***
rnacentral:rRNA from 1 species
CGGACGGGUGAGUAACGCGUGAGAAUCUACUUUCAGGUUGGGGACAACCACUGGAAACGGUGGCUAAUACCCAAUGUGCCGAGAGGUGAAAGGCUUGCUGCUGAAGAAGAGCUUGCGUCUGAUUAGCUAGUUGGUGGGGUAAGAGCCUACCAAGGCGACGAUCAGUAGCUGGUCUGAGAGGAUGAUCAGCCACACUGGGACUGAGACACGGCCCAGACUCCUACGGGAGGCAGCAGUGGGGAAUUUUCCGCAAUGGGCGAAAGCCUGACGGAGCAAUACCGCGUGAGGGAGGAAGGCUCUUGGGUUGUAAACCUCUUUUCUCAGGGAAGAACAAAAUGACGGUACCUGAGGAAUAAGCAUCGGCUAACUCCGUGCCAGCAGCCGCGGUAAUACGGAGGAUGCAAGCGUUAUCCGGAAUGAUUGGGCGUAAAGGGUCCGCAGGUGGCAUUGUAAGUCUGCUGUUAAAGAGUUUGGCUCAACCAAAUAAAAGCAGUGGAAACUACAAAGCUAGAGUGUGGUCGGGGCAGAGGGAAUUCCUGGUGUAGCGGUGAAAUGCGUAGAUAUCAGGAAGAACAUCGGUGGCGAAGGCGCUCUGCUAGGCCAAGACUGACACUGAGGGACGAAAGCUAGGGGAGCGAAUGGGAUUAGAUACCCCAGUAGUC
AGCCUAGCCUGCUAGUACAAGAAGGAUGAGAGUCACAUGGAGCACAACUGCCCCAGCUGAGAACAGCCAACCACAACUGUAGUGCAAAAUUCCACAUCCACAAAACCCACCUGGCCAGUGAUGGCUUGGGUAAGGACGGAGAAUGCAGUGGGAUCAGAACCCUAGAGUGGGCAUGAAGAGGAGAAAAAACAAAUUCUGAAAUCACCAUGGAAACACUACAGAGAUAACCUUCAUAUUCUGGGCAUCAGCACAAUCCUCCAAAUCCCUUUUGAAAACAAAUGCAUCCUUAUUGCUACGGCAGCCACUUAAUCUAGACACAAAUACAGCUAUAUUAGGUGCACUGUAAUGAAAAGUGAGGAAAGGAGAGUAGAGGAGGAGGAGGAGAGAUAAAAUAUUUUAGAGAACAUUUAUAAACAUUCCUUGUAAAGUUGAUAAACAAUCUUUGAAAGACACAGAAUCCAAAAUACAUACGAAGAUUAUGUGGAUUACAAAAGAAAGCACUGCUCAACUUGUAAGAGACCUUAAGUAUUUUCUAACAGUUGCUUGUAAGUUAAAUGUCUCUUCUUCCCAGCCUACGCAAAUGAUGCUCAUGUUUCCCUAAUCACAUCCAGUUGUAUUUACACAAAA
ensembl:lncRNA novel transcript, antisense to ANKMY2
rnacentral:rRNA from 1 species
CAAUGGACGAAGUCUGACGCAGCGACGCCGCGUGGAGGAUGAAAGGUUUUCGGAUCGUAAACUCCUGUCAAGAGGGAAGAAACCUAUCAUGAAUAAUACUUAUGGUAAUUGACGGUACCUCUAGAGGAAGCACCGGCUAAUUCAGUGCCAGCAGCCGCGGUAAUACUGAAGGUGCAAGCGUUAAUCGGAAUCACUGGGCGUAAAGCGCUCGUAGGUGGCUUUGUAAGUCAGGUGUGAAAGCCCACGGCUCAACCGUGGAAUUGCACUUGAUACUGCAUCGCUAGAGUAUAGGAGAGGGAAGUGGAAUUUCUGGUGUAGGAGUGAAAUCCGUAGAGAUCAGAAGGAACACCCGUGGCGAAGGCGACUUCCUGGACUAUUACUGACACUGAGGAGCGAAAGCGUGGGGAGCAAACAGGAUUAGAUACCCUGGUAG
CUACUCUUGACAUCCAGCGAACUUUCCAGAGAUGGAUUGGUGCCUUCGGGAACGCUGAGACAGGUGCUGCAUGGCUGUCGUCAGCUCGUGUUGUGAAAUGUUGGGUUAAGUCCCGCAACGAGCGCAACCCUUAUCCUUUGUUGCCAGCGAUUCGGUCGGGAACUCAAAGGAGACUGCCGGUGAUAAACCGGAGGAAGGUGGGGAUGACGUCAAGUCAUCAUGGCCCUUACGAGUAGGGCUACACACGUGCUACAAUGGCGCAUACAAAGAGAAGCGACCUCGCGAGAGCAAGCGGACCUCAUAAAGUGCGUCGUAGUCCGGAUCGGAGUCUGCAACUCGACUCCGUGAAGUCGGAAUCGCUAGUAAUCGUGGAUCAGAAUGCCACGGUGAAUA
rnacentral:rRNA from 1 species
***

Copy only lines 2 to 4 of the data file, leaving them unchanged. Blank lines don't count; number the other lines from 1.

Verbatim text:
CGGACGGGUGAGUAACGCGUGAGAAUCUACUUUCAGGUUGGGGACAACCACUGGAAACGGUGGCUAAUACCCAAUGUGCCGAGAGGUGAAAGGCUUGCUGCUGAAGAAGAGCUUGCGUCUGAUUAGCUAGUUGGUGGGGUAAGAGCCUACCAAGGCGACGAUCAGUAGCUGGUCUGAGAGGAUGAUCAGCCACACUGGGACUGAGACACGGCCCAGACUCCUACGGGAGGCAGCAGUGGGGAAUUUUCCGCAAUGGGCGAAAGCCUGACGGAGCAAUACCGCGUGAGGGAGGAAGGCUCUUGGGUUGUAAACCUCUUUUCUCAGGGAAGAACAAAAUGACGGUACCUGAGGAAUAAGCAUCGGCUAACUCCGUGCCAGCAGCCGCGGUAAUACGGAGGAUGCAAGCGUUAUCCGGAAUGAUUGGGCGUAAAGGGUCCGCAGGUGGCAUUGUAAGUCUGCUGUUAAAGAGUUUGGCUCAACCAAAUAAAAGCAGUGGAAACUACAAAGCUAGAGUGUGGUCGGGGCAGAGGGAAUUCCUGGUGUAGCGGUGAAAUGCGUAGAUAUCAGGAAGAACAUCGGUGGCGAAGGCGCUCUGCUAGGCCAAGACUGACACUGAGGGACGAAAGCUAGGGGAGCGAAUGGGAUUAGAUACCCCAGUAGUC
AGCCUAGCCUGCUAGUACAAGAAGGAUGAGAGUCACAUGGAGCACAACUGCCCCAGCUGAGAACAGCCAACCACAACUGUAGUGCAAAAUUCCACAUCCACAAAACCCACCUGGCCAGUGAUGGCUUGGGUAAGGACGGAGAAUGCAGUGGGAUCAGAACCCUAGAGUGGGCAUGAAGAGGAGAAAAAACAAAUUCUGAAAUCACCAUGGAAACACUACAGAGAUAACCUUCAUAUUCUGGGCAUCAGCACAAUCCUCCAAAUCCCUUUUGAAAACAAAUGCAUCCUUAUUGCUACGGCAGCCACUUAAUCUAGACACAAAUACAGCUAUAUUAGGUGCACUGUAAUGAAAAGUGAGGAAAGGAGAGUAGAGGAGGAGGAGGAGAGAUAAAAUAUUUUAGAGAACAUUUAUAAACAUUCCUUGUAAAGUUGAUAAACAAUCUUUGAAAGACACAGAAUCCAAAAUACAUACGAAGAUUAUGUGGAUUACAAAAGAAAGCACUGCUCAACUUGUAAGAGACCUUAAGUAUUUUCUAACAGUUGCUUGUAAGUUAAAUGUCUCUUCUUCCCAGCCUACGCAAAUGAUGCUCAUGUUUCCCUAAUCACAUCCAGUUGUAUUUACACAAAA
ensembl:lncRNA novel transcript, antisense to ANKMY2